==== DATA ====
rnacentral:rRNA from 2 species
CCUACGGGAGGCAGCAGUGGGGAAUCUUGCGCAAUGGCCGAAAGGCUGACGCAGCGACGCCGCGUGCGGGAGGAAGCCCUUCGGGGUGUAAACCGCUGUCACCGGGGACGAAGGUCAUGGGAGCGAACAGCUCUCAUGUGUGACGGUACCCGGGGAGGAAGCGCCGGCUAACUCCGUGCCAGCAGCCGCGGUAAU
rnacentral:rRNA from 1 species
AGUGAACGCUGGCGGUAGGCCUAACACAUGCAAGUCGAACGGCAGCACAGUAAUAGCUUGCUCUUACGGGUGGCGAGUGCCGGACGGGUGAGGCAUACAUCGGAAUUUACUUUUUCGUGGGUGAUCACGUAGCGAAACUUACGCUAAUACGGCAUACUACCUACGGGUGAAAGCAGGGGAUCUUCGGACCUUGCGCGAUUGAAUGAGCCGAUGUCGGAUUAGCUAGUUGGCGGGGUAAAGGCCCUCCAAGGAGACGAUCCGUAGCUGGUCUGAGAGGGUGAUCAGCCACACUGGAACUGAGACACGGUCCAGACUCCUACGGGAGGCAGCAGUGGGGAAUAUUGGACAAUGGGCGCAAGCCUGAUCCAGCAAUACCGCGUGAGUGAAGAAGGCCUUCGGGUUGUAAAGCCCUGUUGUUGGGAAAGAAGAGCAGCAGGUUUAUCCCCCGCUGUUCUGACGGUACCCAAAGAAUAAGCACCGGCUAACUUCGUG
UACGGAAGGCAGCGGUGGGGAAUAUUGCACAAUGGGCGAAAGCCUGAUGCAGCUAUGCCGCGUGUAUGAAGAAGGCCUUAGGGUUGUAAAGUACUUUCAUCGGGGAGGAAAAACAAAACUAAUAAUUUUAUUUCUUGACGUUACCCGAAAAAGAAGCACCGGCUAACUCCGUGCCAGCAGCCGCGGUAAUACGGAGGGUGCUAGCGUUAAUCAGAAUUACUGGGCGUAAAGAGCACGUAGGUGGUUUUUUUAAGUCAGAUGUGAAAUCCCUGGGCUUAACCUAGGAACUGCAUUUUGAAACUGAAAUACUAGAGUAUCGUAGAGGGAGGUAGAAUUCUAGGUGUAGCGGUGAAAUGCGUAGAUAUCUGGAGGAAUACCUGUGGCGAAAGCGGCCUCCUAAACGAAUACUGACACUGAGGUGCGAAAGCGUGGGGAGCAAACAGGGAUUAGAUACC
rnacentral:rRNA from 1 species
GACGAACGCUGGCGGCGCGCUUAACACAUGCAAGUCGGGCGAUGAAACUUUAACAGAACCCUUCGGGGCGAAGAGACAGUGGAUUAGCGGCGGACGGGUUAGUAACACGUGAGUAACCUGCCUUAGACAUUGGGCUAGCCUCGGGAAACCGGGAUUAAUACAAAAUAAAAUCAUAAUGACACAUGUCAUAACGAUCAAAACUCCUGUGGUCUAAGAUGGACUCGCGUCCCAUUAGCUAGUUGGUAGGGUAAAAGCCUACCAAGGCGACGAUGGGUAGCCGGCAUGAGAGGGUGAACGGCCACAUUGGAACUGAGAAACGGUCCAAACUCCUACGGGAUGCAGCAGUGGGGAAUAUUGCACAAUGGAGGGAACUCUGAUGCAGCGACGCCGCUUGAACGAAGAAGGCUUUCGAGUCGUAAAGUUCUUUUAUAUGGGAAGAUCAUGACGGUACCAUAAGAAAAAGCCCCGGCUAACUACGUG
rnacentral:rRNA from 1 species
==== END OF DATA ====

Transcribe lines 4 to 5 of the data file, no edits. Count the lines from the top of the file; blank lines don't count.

AGUGAACGCUGGCGGUAGGCCUAACACAUGCAAGUCGAACGGCAGCACAGUAAUAGCUUGCUCUUACGGGUGGCGAGUGCCGGACGGGUGAGGCAUACAUCGGAAUUUACUUUUUCGUGGGUGAUCACGUAGCGAAACUUACGCUAAUACGGCAUACUACCUACGGGUGAAAGCAGGGGAUCUUCGGACCUUGCGCGAUUGAAUGAGCCGAUGUCGGAUUAGCUAGUUGGCGGGGUAAAGGCCCUCCAAGGAGACGAUCCGUAGCUGGUCUGAGAGGGUGAUCAGCCACACUGGAACUGAGACACGGUCCAGACUCCUACGGGAGGCAGCAGUGGGGAAUAUUGGACAAUGGGCGCAAGCCUGAUCCAGCAAUACCGCGUGAGUGAAGAAGGCCUUCGGGUUGUAAAGCCCUGUUGUUGGGAAAGAAGAGCAGCAGGUUUAUCCCCCGCUGUUCUGACGGUACCCAAAGAAUAAGCACCGGCUAACUUCGUG
UACGGAAGGCAGCGGUGGGGAAUAUUGCACAAUGGGCGAAAGCCUGAUGCAGCUAUGCCGCGUGUAUGAAGAAGGCCUUAGGGUUGUAAAGUACUUUCAUCGGGGAGGAAAAACAAAACUAAUAAUUUUAUUUCUUGACGUUACCCGAAAAAGAAGCACCGGCUAACUCCGUGCCAGCAGCCGCGGUAAUACGGAGGGUGCUAGCGUUAAUCAGAAUUACUGGGCGUAAAGAGCACGUAGGUGGUUUUUUUAAGUCAGAUGUGAAAUCCCUGGGCUUAACCUAGGAACUGCAUUUUGAAACUGAAAUACUAGAGUAUCGUAGAGGGAGGUAGAAUUCUAGGUGUAGCGGUGAAAUGCGUAGAUAUCUGGAGGAAUACCUGUGGCGAAAGCGGCCUCCUAAACGAAUACUGACACUGAGGUGCGAAAGCGUGGGGAGCAAACAGGGAUUAGAUACC